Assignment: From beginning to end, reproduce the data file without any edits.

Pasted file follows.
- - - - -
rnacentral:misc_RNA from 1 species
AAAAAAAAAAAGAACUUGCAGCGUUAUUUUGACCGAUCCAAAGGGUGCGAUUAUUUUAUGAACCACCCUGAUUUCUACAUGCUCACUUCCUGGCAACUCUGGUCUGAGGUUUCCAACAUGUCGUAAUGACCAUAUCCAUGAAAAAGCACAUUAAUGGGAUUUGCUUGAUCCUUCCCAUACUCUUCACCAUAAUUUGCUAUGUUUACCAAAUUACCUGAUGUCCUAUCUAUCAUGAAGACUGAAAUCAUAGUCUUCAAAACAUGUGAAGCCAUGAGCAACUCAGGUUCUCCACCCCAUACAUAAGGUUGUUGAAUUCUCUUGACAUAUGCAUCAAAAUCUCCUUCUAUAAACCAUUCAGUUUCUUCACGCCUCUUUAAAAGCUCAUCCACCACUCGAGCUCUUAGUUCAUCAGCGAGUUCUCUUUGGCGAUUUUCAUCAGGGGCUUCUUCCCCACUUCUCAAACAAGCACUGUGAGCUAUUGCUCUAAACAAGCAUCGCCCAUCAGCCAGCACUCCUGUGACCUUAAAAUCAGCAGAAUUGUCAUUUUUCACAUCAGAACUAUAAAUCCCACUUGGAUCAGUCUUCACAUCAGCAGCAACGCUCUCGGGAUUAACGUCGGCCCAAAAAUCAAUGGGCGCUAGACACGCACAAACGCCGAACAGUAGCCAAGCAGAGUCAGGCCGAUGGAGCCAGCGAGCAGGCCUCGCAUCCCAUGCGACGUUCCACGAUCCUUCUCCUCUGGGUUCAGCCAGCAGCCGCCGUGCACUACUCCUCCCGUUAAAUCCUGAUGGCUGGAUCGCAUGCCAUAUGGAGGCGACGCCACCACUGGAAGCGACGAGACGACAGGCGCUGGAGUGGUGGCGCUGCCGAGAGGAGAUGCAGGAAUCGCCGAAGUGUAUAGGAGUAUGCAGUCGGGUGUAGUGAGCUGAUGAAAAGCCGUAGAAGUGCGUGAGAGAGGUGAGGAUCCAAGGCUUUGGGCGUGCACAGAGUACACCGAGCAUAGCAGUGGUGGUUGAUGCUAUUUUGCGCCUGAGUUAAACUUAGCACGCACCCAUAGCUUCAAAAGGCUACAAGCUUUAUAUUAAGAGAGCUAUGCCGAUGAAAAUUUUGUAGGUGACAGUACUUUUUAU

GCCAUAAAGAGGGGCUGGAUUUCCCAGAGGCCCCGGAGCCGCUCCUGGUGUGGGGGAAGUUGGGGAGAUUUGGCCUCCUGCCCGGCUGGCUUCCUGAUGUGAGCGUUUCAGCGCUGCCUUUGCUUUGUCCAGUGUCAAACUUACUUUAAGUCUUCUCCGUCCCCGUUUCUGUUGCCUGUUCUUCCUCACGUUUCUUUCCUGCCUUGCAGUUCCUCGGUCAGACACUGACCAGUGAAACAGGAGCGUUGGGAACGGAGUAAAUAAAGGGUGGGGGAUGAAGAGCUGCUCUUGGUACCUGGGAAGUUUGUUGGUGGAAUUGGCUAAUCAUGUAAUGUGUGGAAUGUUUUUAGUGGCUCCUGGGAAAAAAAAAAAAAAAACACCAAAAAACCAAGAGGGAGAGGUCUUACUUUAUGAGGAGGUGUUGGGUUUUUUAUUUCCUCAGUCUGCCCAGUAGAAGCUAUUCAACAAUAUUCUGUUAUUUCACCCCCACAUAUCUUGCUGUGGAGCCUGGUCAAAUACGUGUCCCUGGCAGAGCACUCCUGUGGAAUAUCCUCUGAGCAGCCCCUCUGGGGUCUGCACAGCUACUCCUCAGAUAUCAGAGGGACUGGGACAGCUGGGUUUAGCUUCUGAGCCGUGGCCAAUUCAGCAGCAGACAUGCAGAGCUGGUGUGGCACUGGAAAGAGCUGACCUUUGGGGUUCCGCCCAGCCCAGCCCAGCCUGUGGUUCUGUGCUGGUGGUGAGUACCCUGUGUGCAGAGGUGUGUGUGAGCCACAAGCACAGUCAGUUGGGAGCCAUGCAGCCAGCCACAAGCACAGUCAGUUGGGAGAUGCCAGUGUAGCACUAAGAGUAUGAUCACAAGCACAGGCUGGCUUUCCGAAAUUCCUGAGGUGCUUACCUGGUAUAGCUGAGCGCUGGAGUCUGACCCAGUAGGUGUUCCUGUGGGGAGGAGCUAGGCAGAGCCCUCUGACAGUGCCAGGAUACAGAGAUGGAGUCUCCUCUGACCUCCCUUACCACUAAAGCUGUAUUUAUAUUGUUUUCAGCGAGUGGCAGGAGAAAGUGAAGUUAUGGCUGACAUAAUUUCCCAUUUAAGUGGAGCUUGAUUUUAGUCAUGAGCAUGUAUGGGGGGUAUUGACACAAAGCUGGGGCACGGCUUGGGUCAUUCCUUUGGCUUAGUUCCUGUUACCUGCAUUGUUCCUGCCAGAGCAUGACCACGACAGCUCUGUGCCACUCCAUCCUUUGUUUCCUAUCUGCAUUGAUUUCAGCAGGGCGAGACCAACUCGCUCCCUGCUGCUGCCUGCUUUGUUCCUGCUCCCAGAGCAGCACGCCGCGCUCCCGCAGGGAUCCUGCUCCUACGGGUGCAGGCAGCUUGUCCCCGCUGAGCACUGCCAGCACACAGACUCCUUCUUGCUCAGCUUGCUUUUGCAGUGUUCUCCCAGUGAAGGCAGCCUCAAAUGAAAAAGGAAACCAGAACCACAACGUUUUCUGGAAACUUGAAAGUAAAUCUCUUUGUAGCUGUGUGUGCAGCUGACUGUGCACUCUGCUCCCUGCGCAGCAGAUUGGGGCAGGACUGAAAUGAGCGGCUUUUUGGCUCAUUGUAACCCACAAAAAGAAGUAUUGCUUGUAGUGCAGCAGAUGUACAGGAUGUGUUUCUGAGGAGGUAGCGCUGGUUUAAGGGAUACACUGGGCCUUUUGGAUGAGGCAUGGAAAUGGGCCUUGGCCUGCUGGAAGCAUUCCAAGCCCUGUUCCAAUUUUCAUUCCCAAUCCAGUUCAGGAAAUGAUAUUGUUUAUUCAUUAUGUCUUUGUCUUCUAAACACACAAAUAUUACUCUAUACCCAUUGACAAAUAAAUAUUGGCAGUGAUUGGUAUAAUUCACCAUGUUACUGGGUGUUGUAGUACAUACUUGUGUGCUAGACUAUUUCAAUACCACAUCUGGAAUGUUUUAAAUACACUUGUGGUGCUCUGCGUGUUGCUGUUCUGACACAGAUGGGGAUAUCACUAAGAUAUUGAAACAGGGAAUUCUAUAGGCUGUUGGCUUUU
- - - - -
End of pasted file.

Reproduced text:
rnacentral:misc_RNA from 1 species
AAAAAAAAAAAGAACUUGCAGCGUUAUUUUGACCGAUCCAAAGGGUGCGAUUAUUUUAUGAACCACCCUGAUUUCUACAUGCUCACUUCCUGGCAACUCUGGUCUGAGGUUUCCAACAUGUCGUAAUGACCAUAUCCAUGAAAAAGCACAUUAAUGGGAUUUGCUUGAUCCUUCCCAUACUCUUCACCAUAAUUUGCUAUGUUUACCAAAUUACCUGAUGUCCUAUCUAUCAUGAAGACUGAAAUCAUAGUCUUCAAAACAUGUGAAGCCAUGAGCAACUCAGGUUCUCCACCCCAUACAUAAGGUUGUUGAAUUCUCUUGACAUAUGCAUCAAAAUCUCCUUCUAUAAACCAUUCAGUUUCUUCACGCCUCUUUAAAAGCUCAUCCACCACUCGAGCUCUUAGUUCAUCAGCGAGUUCUCUUUGGCGAUUUUCAUCAGGGGCUUCUUCCCCACUUCUCAAACAAGCACUGUGAGCUAUUGCUCUAAACAAGCAUCGCCCAUCAGCCAGCACUCCUGUGACCUUAAAAUCAGCAGAAUUGUCAUUUUUCACAUCAGAACUAUAAAUCCCACUUGGAUCAGUCUUCACAUCAGCAGCAACGCUCUCGGGAUUAACGUCGGCCCAAAAAUCAAUGGGCGCUAGACACGCACAAACGCCGAACAGUAGCCAAGCAGAGUCAGGCCGAUGGAGCCAGCGAGCAGGCCUCGCAUCCCAUGCGACGUUCCACGAUCCUUCUCCUCUGGGUUCAGCCAGCAGCCGCCGUGCACUACUCCUCCCGUUAAAUCCUGAUGGCUGGAUCGCAUGCCAUAUGGAGGCGACGCCACCACUGGAAGCGACGAGACGACAGGCGCUGGAGUGGUGGCGCUGCCGAGAGGAGAUGCAGGAAUCGCCGAAGUGUAUAGGAGUAUGCAGUCGGGUGUAGUGAGCUGAUGAAAAGCCGUAGAAGUGCGUGAGAGAGGUGAGGAUCCAAGGCUUUGGGCGUGCACAGAGUACACCGAGCAUAGCAGUGGUGGUUGAUGCUAUUUUGCGCCUGAGUUAAACUUAGCACGCACCCAUAGCUUCAAAAGGCUACAAGCUUUAUAUUAAGAGAGCUAUGCCGAUGAAAAUUUUGUAGGUGACAGUACUUUUUAU

GCCAUAAAGAGGGGCUGGAUUUCCCAGAGGCCCCGGAGCCGCUCCUGGUGUGGGGGAAGUUGGGGAGAUUUGGCCUCCUGCCCGGCUGGCUUCCUGAUGUGAGCGUUUCAGCGCUGCCUUUGCUUUGUCCAGUGUCAAACUUACUUUAAGUCUUCUCCGUCCCCGUUUCUGUUGCCUGUUCUUCCUCACGUUUCUUUCCUGCCUUGCAGUUCCUCGGUCAGACACUGACCAGUGAAACAGGAGCGUUGGGAACGGAGUAAAUAAAGGGUGGGGGAUGAAGAGCUGCUCUUGGUACCUGGGAAGUUUGUUGGUGGAAUUGGCUAAUCAUGUAAUGUGUGGAAUGUUUUUAGUGGCUCCUGGGAAAAAAAAAAAAAAAACACCAAAAAACCAAGAGGGAGAGGUCUUACUUUAUGAGGAGGUGUUGGGUUUUUUAUUUCCUCAGUCUGCCCAGUAGAAGCUAUUCAACAAUAUUCUGUUAUUUCACCCCCACAUAUCUUGCUGUGGAGCCUGGUCAAAUACGUGUCCCUGGCAGAGCACUCCUGUGGAAUAUCCUCUGAGCAGCCCCUCUGGGGUCUGCACAGCUACUCCUCAGAUAUCAGAGGGACUGGGACAGCUGGGUUUAGCUUCUGAGCCGUGGCCAAUUCAGCAGCAGACAUGCAGAGCUGGUGUGGCACUGGAAAGAGCUGACCUUUGGGGUUCCGCCCAGCCCAGCCCAGCCUGUGGUUCUGUGCUGGUGGUGAGUACCCUGUGUGCAGAGGUGUGUGUGAGCCACAAGCACAGUCAGUUGGGAGCCAUGCAGCCAGCCACAAGCACAGUCAGUUGGGAGAUGCCAGUGUAGCACUAAGAGUAUGAUCACAAGCACAGGCUGGCUUUCCGAAAUUCCUGAGGUGCUUACCUGGUAUAGCUGAGCGCUGGAGUCUGACCCAGUAGGUGUUCCUGUGGGGAGGAGCUAGGCAGAGCCCUCUGACAGUGCCAGGAUACAGAGAUGGAGUCUCCUCUGACCUCCCUUACCACUAAAGCUGUAUUUAUAUUGUUUUCAGCGAGUGGCAGGAGAAAGUGAAGUUAUGGCUGACAUAAUUUCCCAUUUAAGUGGAGCUUGAUUUUAGUCAUGAGCAUGUAUGGGGGGUAUUGACACAAAGCUGGGGCACGGCUUGGGUCAUUCCUUUGGCUUAGUUCCUGUUACCUGCAUUGUUCCUGCCAGAGCAUGACCACGACAGCUCUGUGCCACUCCAUCCUUUGUUUCCUAUCUGCAUUGAUUUCAGCAGGGCGAGACCAACUCGCUCCCUGCUGCUGCCUGCUUUGUUCCUGCUCCCAGAGCAGCACGCCGCGCUCCCGCAGGGAUCCUGCUCCUACGGGUGCAGGCAGCUUGUCCCCGCUGAGCACUGCCAGCACACAGACUCCUUCUUGCUCAGCUUGCUUUUGCAGUGUUCUCCCAGUGAAGGCAGCCUCAAAUGAAAAAGGAAACCAGAACCACAACGUUUUCUGGAAACUUGAAAGUAAAUCUCUUUGUAGCUGUGUGUGCAGCUGACUGUGCACUCUGCUCCCUGCGCAGCAGAUUGGGGCAGGACUGAAAUGAGCGGCUUUUUGGCUCAUUGUAACCCACAAAAAGAAGUAUUGCUUGUAGUGCAGCAGAUGUACAGGAUGUGUUUCUGAGGAGGUAGCGCUGGUUUAAGGGAUACACUGGGCCUUUUGGAUGAGGCAUGGAAAUGGGCCUUGGCCUGCUGGAAGCAUUCCAAGCCCUGUUCCAAUUUUCAUUCCCAAUCCAGUUCAGGAAAUGAUAUUGUUUAUUCAUUAUGUCUUUGUCUUCUAAACACACAAAUAUUACUCUAUACCCAUUGACAAAUAAAUAUUGGCAGUGAUUGGUAUAAUUCACCAUGUUACUGGGUGUUGUAGUACAUACUUGUGUGCUAGACUAUUUCAAUACCACAUCUGGAAUGUUUUAAAUACACUUGUGGUGCUCUGCGUGUUGCUGUUCUGACACAGAUGGGGAUAUCACUAAGAUAUUGAAACAGGGAAUUCUAUAGGCUGUUGGCUUUU